Filled with familiar Seuss characters like the Whos in Whoville, the Sour Kangaroo, Mayzie LaBird and her flock of feathery friends, Sneeches and other animals from the Jungle of Nool, the show kept every child I watched spellbound, even the ones who looked to be 3 or 4 years old.

This enchanting production, directed and choreographed by Ron Cisneros with wildly colorful costumes by Jean Henderson and wonderful Seuss-ian set pieces by Steve Isaacson is the sort of show DMTC does best, showcasing both the talented adult cast, and also strong performances by members of the Young People’s Company.  And you can’t beat 30 people on stage dancing to the tune of the 20-piece under-stage orchestra.

While the show is filled with catchy tunes, the book itself is weak and it is thanks to a talented cast that it comes across as well as it does.

Heading the show is F. James Raasch as the Cat in the Hat, who directs the action and gets in a little mischief along the way.  Raasch, who has a beautiful voice, had a great time in the role and stuck in his own ad libs now and then, which were usually very funny, even the one aimed at this critic.

But the heart of this production is DMTC newcomer Nephi Speer as Horton the Elephant.  Speer imbued his character with such gentleness and genuine heart that everybody loved him.  And costumer Henderson had the good sense not to give him some sort of elephantine head gear.  He was dressed simply in grey and his “elephantness” came from his performance.

The Cat’s buddy is The Boy/Jojo, who gets into trouble for thinking.  Jenna Karoly came into the show late, but you’d never know it to watch her performance.  She’s as solid as can be and you could not ask for better.  She and Speer have a lovely duet, “Alone in the Universe,” as each realizes that together they aren’t really alone.

You called my name and you set me free
One small voice in the universe
One true friend in the universe
Who believes in me

While the show has a very thin plot, what plot it does have centers around Horton, first in his discovery of the Whos, a teeny community which lives on a speck of dust, whom Horton promises to protect, and the silly bird Mayzie (Rachael Sherman-Shockley) who, already tired of mothering, entrusts her egg to Horton “just for the afternoon.”  A year later, Horton is still caring for the egg because “an elephant’s faithful 100%.”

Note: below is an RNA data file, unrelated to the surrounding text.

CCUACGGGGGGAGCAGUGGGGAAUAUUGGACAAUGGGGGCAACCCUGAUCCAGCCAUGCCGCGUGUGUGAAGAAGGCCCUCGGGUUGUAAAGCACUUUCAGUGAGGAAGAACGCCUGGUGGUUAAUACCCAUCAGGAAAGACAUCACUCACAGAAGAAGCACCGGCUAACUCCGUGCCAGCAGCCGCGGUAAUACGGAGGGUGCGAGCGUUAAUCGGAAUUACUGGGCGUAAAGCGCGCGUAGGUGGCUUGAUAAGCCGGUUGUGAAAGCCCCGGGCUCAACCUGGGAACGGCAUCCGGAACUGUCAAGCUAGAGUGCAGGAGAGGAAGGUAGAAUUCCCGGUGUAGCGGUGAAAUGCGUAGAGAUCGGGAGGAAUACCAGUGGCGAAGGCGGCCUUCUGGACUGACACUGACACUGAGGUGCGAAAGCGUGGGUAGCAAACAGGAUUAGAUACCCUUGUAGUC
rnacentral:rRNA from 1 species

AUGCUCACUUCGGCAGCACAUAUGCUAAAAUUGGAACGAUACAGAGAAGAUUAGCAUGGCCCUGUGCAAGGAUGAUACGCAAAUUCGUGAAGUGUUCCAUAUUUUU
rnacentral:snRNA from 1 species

The Whos are led the Mayor (Adam Sartain) and his wife (Dannette Vassar).  When JoJo has morphed into a Who, he is the son of the Mayor, who doesn’t know what to do with a child who thinks, so he’s sent off to military school under the watchful eye of Gen. Genghis Kahn Schmitz (Scott Daugherty). Together the three sing the fun patter song, 'The Military.”

Christie Paz is Gertrude McFuzz, the one-feathered bird in love with Horton.  Though Paz throws a spectacular tantrum and can make herself heard when she is angry, she had some problems with projection throughout much of the performance.

Of particular note are 6 year old Gillian Cubbage as Thing 1 and Miller Traum as Thing 2.  Both displayed the stage discipline of older actors and both were absolutely adorable.  Cubbage is particularly impressive with her one-handed cartwheels across the stage.

Steve Isaacson’s set pieces are straight out of Dr. Seuss illustrations and add a touch of authenticity to the look, while his lighting design, particularly in the black light under sea scene with glowing fish was fun.

This is a good family show, but if you don’t have kids or grandkids, come by yourself and enjoy, perhaps with a kangaroo sour, which may be purchased at the lobby bar and consumed in the theater.   

Monday, September 07, 2015

Mr. Burns

(From L to R) Amanda Salazar, Katie Rubin, Jouni Kirjola,
Dena Martinez, John P. Lamb, Elizabeth Holzman
Remember “Fahrenheit 451,” when all the books had been destroyed and a little enclave of people, each of whom had memorized a specific book, were teaching that book to a young person so that the words could continue?